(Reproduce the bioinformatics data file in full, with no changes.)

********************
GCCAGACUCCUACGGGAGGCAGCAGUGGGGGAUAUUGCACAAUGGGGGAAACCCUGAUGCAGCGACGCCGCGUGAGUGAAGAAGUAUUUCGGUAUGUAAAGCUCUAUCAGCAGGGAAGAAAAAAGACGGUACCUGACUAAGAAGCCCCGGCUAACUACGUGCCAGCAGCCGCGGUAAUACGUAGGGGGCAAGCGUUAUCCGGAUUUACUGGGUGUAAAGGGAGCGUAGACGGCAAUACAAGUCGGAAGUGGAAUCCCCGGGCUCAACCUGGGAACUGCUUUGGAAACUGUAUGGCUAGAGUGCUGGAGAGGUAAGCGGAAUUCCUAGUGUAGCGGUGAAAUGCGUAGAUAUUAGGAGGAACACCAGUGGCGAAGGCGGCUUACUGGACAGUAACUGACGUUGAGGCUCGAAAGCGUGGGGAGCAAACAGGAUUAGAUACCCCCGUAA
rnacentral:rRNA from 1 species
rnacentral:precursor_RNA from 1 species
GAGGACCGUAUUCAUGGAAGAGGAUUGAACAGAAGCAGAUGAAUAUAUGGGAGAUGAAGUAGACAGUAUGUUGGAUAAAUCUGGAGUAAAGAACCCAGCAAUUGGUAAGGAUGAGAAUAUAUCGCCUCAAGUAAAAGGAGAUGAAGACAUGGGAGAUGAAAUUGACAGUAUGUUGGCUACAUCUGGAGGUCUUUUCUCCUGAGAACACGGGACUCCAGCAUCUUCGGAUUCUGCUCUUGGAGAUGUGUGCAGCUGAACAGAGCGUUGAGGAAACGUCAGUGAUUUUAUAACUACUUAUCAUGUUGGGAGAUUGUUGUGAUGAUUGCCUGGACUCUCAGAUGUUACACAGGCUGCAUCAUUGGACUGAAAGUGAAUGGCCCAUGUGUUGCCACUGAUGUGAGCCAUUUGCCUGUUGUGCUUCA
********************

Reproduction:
GCCAGACUCCUACGGGAGGCAGCAGUGGGGGAUAUUGCACAAUGGGGGAAACCCUGAUGCAGCGACGCCGCGUGAGUGAAGAAGUAUUUCGGUAUGUAAAGCUCUAUCAGCAGGGAAGAAAAAAGACGGUACCUGACUAAGAAGCCCCGGCUAACUACGUGCCAGCAGCCGCGGUAAUACGUAGGGGGCAAGCGUUAUCCGGAUUUACUGGGUGUAAAGGGAGCGUAGACGGCAAUACAAGUCGGAAGUGGAAUCCCCGGGCUCAACCUGGGAACUGCUUUGGAAACUGUAUGGCUAGAGUGCUGGAGAGGUAAGCGGAAUUCCUAGUGUAGCGGUGAAAUGCGUAGAUAUUAGGAGGAACACCAGUGGCGAAGGCGGCUUACUGGACAGUAACUGACGUUGAGGCUCGAAAGCGUGGGGAGCAAACAGGAUUAGAUACCCCCGUAA
rnacentral:rRNA from 1 species
rnacentral:precursor_RNA from 1 species
GAGGACCGUAUUCAUGGAAGAGGAUUGAACAGAAGCAGAUGAAUAUAUGGGAGAUGAAGUAGACAGUAUGUUGGAUAAAUCUGGAGUAAAGAACCCAGCAAUUGGUAAGGAUGAGAAUAUAUCGCCUCAAGUAAAAGGAGAUGAAGACAUGGGAGAUGAAAUUGACAGUAUGUUGGCUACAUCUGGAGGUCUUUUCUCCUGAGAACACGGGACUCCAGCAUCUUCGGAUUCUGCUCUUGGAGAUGUGUGCAGCUGAACAGAGCGUUGAGGAAACGUCAGUGAUUUUAUAACUACUUAUCAUGUUGGGAGAUUGUUGUGAUGAUUGCCUGGACUCUCAGAUGUUACACAGGCUGCAUCAUUGGACUGAAAGUGAAUGGCCCAUGUGUUGCCACUGAUGUGAGCCAUUUGCCUGUUGUGCUUCA